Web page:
How to Improve Your Films

“How do I win?”

It’s the most common question we get at Zooppa HQ. We know video production takes a lot of work: scouting talent and locations, hiring crew, editing footage and more. That’s not to mention all the price of good editing rigs, software and equipment rentals. It’s only fair that you want to win something for all the effort you put in.

So, how do you win? We don’t have a secret formula for securing first place in every client project. If we did, we’d have published our very own self-help book: Profit with Zooppa (corny cover photo included). While we can’t tell you specifically what every client is looking for, here are a few tips we’ve observed from videos of repeat winners.

Good Lighting

lighting setup for videoIt sounds obvious, but this is one of the biggest differentiators we see for winners—the set is well-illuminated from actor, to backdrop down to the product. In film there’s a hyperfocus on cameras—2k vs. 4k, lenses, endless debates over stabilizers and rigs. But none of that matters if we can’t see your subjects! Investing in good lighting can drastically up your production value without sinking money into that shiny new camera.

Z-Picks: For solid all-around lighting with quick setup and takedown, we recommend starting out simple with this Emart 600W kit from Amazon. While it’s no Arri Softbank IV Plus Kit, this simple setup gives you the basics to get started. Plus it’s customizable whenever you do decide to upgrade.

Feeling crafty? Check out this DIY Kit from DSLR Film Shooter. The total build is priced around $250, and you get three adjustable LED panels. The best part? If something goes wrong on set you know exactly how to troubleshoot it!


Thoughtful Shots

Well-framed shots can take a video from a 4 to an 8. We’re talking composition—where the product’s placed, whether the subject is front and center, if we can see your dog or dirty laundry in the background. It matters, especially when you’re completing a story or artistic-based project. All the fancy camerawork and top-tier editing in the world can’t save you from an imbalanced shot.

Need a starting point for learning how to better compose your shots? First, start with storyboarding. It may only be a 60 second video, but if you’re communicating a set of ideas (especially for a client), it’ll help you keep everything organized.

Z-Picks: Try out our this storyboard template. Next, check out this guide on shot composition by DSLRGuide.

Casting is Key

So you’ve mastered the art of lighting your shot and you’ve got composition down to a science. Now it’s time to make sure you’ve got the right cast for your video. We often see videos with killer concepts and solid technicals that fall short on the casting aspect. Clients are often looking for the whole package when it comes to video casting

Though they don’t expect a Winslet-DiCaprio level performance, your talent should be relatable, well-coached and easy to watch. For documentary films, this might mean running your talent through your questions to help prepare them for your live takes.x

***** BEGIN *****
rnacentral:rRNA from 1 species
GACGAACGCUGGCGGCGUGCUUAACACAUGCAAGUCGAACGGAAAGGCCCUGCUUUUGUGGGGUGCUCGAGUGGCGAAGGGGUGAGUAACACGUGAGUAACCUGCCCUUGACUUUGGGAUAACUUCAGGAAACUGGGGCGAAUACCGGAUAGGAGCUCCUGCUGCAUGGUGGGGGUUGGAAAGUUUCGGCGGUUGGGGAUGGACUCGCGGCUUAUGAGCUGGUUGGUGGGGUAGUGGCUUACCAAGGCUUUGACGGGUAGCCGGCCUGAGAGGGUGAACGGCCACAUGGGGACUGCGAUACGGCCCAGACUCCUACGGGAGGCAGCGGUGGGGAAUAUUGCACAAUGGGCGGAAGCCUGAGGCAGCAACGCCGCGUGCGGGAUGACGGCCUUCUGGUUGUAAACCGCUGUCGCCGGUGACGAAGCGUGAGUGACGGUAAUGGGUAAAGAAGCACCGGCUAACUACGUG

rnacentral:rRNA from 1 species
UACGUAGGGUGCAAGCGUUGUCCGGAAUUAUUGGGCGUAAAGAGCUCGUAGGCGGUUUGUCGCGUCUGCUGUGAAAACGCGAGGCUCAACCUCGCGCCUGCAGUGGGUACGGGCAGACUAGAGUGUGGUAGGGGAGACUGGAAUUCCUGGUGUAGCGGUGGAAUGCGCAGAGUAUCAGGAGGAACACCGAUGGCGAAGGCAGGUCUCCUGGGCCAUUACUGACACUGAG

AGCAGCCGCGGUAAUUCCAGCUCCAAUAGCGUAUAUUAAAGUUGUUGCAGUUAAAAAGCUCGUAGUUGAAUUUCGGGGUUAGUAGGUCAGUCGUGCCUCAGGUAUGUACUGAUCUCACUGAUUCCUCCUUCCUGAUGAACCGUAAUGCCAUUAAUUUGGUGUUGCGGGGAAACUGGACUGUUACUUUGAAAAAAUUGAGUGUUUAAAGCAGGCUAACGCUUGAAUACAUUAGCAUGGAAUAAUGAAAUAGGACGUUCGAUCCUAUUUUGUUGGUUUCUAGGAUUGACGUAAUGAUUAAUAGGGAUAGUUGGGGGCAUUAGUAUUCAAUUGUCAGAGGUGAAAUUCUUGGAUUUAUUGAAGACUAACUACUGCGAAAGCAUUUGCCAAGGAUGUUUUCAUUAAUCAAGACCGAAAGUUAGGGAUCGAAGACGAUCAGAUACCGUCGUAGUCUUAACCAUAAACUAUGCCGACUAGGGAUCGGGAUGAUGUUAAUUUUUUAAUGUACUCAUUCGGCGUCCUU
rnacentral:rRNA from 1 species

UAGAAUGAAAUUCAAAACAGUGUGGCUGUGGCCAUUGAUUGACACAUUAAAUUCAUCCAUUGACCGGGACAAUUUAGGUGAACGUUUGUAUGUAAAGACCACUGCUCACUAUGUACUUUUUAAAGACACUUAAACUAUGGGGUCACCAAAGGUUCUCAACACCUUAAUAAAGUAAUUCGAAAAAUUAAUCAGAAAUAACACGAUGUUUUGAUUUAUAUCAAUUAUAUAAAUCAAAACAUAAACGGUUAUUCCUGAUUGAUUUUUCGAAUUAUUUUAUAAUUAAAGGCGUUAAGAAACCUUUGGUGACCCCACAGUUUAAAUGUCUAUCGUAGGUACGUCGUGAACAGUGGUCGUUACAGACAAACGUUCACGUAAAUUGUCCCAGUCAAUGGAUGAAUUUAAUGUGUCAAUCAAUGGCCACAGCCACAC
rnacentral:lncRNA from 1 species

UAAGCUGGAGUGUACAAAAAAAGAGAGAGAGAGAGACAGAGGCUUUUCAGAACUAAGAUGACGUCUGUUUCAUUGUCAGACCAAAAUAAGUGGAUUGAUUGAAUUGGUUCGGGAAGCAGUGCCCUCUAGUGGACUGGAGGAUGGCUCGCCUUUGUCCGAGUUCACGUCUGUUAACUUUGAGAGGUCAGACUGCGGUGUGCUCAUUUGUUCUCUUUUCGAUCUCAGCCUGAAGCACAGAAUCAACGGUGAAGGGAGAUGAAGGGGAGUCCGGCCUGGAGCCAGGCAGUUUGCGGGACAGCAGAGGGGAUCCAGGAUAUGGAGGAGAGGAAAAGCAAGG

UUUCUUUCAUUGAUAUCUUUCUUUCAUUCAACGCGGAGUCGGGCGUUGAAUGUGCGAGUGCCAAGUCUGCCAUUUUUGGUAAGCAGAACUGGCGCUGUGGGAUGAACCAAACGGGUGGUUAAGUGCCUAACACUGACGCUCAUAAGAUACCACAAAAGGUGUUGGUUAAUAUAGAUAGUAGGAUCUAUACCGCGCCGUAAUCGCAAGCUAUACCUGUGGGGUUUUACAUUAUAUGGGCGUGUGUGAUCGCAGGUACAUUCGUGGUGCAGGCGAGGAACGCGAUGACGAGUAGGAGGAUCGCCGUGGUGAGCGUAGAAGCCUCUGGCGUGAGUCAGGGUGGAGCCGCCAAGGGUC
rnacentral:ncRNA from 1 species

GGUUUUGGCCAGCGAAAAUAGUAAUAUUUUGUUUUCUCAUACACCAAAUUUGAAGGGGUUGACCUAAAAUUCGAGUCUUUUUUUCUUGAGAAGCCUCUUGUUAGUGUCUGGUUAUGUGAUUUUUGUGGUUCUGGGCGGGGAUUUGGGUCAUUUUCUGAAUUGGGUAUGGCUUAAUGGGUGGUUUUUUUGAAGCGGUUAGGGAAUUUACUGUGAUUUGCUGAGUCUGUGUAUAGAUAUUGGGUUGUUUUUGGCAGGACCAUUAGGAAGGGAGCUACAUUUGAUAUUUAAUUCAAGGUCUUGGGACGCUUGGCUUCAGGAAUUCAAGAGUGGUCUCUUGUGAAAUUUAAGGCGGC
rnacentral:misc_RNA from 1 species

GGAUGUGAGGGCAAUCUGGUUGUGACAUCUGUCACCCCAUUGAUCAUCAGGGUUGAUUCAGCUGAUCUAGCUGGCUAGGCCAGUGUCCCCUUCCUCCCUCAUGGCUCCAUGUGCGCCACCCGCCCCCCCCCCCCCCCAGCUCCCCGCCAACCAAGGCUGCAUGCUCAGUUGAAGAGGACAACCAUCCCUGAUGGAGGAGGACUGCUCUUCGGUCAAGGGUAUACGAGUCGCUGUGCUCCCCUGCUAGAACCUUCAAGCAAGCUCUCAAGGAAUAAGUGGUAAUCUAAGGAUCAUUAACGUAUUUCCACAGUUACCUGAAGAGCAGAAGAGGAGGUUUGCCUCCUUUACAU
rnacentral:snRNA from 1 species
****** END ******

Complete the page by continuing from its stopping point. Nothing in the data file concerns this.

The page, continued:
Need help understanding how to prep talent, set up interview videos, and get true value from your talent? Check out this course from LinkedIn’s learning service, Lynda.

Story Rules All

Writing a story for your video

Lighting and shot composition can elevate a video’s production value, but the concept is what carries it through. Again, we’re looking for Inception level twists, but story is a vital component of all winning videos. Whether it’s a documentary, a short food film or a product piece, show us a complete, well-thought-out story. That means avoiding cliffhangers or “trailer” type pieces, or submissions that exist simply for the sake of “art film.”

That’s not to say there aren’t exceptions. We’ve seen some amazing off-the-wall pieces on our Alamo, T-Mobile, and Melitta projects. But in general, we suggest sticking with a clear beginning-middle-end structure.

While we’d love to watch your neon experimental art film, most clients are looking for something simpler.

Z-Picks: Want to learn how to put together a killer story? Check out this tutorial from YouTuber D4Darious on Three Act Story structure. Our projects usually don’t require all the complex components he discusses, but it’s great for getting a holistic view of storytelling.


Editing setup for videoOur top tip for winning projects is…research. A pretty mundane element compared to the others, but this is the thing that can win you first prize. Clients are looking for submissions that demonstrate an understanding of not only the brief but the company itself. Take a second to think about the following when you’re putting together a plan for your submission.

  • What’s the brand’s story? What values, visuals, and demographics are important to them?
  • Does my video align with the brief provided on the Zooppa project page?
  • How does this product/idea fit their image? How can my submission strengthen that existing image?
  • How can I bring them something unique that still fits within their brand?

If you can master all those elements, you’re well on your way to creating an all-star submission. Don’t worry about getting everything at once—improving is a work in progress. We have several repeat clients who come to us for projects every year, so if you’re looking to improve on a previous year’s submission or test out a new approach, that’s the place to do it.

Above all, keep submitting! It might take a few tries, but following the tips above will get you noticed and one step closer to awards.

Want more tips? Check out our filmmaker resources section.

Jasmine Moore

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